In recent weeks, Russia has conducted a number of intercontinental ballistic missile (ICBM) tests with experimental payloads that are designed to penetrate advanced missile defenses. The idea is to ensure that Russian nuclear weapons can reach their targets even in the event that their targets are protected by a missile shield—even if such a defense system does not currently exist.
The Soviet Union and later Russia has been leery of missile defense systems even before President Ronald Reagan announced his Strategic Defense Initiative (SDI) in 1983. Both American and Soviet nuclear weapons experts have considered missile defense systems to be highly destabilizing since the 1960s when such systems were first envisioned. Most nuclear weapons experts in both the United States and Russia still hold to this view even though President George W. Bush withdrew from the Anti-Ballistic Missile Treaty in December 2001.
Under the theory of nuclear deterrence, a national anti-ballistic missile defense system such as the one envisioned by Reagan—coupled with a massive counterforce nuclear strike—could neutralize an adversary’s retaliatory second strike capability.
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“The development of an ABM system could allow one side to launch a first strike and then prevent the other from retaliating by shooting down incoming missiles,” reads a U.S. State Department history of the Strategic Arms Limitation Talks Treaty I/II.
Indeed, such a missile shield could potentially invite an adversary to launch a preemptive strike or risking being disarmed. Then Defense Secretary Robert McNamara was one of the first to articulate the basic problem with anti-ballistic missile (ABM) defenses—it threatened the secure second strike capability needed to have stable mutual nuclear deterrence. McNamara’s ideas eventually led to what became the now-defunct Anti-Ballistic Missile Treaty of 1972, which was ultimately signed under the subsequent Nixon Administration.
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“The only way we were able to obtain the Anti-ballistic Missile Treaty was to prove to the Soviets that we couldn't limit offensive nuclear forces, the Strategic Arms Limitation Treaty, unless we had a companion limit on defensive forces,” McNamara told the George Washington University National Security Archives before he passed away.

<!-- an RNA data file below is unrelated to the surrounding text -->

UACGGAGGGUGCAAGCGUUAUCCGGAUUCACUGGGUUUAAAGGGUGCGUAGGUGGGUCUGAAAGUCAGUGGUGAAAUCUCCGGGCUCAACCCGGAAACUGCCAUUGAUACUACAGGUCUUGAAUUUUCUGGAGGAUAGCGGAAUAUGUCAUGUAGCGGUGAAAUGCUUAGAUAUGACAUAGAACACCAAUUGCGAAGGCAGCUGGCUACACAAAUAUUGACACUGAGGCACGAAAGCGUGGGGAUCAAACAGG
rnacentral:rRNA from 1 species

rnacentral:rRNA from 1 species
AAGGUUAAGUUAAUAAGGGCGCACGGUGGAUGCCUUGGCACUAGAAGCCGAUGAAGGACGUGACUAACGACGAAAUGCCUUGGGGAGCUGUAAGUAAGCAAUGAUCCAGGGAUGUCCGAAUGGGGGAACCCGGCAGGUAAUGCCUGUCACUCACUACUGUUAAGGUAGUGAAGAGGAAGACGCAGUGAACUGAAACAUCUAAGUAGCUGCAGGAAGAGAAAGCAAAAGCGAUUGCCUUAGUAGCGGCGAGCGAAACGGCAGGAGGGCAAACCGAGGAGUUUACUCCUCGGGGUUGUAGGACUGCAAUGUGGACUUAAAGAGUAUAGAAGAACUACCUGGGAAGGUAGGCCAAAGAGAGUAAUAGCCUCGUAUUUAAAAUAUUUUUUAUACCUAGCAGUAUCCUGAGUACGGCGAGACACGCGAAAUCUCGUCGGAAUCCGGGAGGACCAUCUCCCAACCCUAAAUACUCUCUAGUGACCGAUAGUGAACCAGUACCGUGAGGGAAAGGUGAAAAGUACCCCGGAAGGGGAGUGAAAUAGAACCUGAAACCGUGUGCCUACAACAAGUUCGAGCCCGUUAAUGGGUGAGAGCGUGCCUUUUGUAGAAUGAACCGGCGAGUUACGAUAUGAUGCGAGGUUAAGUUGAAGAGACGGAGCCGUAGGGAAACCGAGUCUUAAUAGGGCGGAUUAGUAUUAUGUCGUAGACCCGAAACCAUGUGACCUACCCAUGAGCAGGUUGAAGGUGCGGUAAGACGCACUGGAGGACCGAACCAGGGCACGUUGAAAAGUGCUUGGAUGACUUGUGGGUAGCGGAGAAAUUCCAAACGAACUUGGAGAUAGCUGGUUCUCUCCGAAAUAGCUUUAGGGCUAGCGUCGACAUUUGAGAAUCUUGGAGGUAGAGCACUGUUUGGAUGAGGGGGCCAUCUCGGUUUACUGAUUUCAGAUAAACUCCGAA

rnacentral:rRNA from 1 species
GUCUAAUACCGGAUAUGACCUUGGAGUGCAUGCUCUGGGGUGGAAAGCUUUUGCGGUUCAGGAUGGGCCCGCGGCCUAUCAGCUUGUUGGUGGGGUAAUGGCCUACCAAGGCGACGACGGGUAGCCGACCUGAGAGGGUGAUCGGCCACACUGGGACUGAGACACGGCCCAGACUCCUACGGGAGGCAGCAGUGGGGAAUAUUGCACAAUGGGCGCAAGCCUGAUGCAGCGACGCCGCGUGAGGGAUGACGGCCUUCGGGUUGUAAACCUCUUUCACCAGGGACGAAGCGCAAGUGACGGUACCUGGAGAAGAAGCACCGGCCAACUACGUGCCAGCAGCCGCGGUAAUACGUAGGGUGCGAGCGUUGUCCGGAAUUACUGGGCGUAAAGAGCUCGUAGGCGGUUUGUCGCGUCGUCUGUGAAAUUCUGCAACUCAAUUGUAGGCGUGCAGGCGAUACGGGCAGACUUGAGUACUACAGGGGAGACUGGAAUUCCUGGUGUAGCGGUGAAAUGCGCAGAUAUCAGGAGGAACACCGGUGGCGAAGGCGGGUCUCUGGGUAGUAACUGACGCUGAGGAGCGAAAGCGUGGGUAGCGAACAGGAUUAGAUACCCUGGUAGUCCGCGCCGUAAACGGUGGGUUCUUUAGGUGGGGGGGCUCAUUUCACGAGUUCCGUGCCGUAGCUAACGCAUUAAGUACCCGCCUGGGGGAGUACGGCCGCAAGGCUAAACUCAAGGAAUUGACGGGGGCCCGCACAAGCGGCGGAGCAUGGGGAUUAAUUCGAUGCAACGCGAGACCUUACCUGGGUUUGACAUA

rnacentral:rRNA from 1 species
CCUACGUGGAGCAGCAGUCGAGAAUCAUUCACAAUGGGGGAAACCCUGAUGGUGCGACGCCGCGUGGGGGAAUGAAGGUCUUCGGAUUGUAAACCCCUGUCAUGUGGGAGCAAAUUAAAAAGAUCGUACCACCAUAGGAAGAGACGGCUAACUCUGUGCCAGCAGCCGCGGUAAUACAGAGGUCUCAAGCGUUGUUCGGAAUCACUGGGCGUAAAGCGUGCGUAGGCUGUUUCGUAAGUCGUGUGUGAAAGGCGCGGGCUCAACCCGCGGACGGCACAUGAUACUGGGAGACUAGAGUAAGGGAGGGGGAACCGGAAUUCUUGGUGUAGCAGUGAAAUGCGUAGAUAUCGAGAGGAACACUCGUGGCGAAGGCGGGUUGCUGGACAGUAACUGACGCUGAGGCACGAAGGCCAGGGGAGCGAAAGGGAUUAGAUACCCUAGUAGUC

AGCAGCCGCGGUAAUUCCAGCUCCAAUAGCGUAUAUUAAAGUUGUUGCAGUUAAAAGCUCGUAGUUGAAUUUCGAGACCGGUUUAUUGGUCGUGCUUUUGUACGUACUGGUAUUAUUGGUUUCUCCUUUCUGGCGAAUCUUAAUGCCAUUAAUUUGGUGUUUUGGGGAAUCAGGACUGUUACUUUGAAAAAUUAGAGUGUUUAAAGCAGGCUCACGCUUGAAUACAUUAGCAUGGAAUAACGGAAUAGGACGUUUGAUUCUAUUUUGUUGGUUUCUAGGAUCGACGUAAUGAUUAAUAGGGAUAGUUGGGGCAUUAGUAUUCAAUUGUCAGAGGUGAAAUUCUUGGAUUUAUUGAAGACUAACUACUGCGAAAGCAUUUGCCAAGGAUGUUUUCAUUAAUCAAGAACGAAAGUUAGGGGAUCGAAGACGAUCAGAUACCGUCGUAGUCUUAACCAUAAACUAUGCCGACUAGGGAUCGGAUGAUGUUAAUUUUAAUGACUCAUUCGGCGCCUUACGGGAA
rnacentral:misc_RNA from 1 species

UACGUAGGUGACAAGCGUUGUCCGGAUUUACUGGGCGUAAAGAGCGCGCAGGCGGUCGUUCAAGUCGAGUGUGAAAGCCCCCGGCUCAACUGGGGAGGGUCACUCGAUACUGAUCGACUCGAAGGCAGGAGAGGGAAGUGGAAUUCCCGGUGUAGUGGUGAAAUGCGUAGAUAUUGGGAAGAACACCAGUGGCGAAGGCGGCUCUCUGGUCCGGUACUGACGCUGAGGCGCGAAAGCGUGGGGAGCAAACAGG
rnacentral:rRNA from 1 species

“Just think now, if you're trying to ensure you have a second-strike capability and you decide you need, let's say, a thousand Minutemen for that and then they put in a defense. If you had a second-strike capability before they put in the defense, after they put in the defense you've got to increase your offence, otherwise you've lost your deterrent. So, we finally proved that to the Soviets and that understanding ultimately led to these two treaties - the Anti-ballistic Missile Treaty and the Strategic Arms Limitation Treaty. The Offensive Force Limitation Treaty could not stand without the Defensive Force Limitation Treaty.”
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McNamara’s logic was so convincing that the Russians follow his thinking on nuclear deterrence to this day—which is why Moscow is so disturbed by American efforts to build a national missile defense system.
“Russian view of MD [missile defense] follows McNamara’s logic: the chief destabilizing property of MD is capability to completely intercept or seriously weaken a response strike,” former Soviet nuclear negotiator Nikolai Sokov, now a senior fellow at the James Martin Center for Nonproliferation Studies, Middlebury Institute of International Studies at Monterey told The National Interest.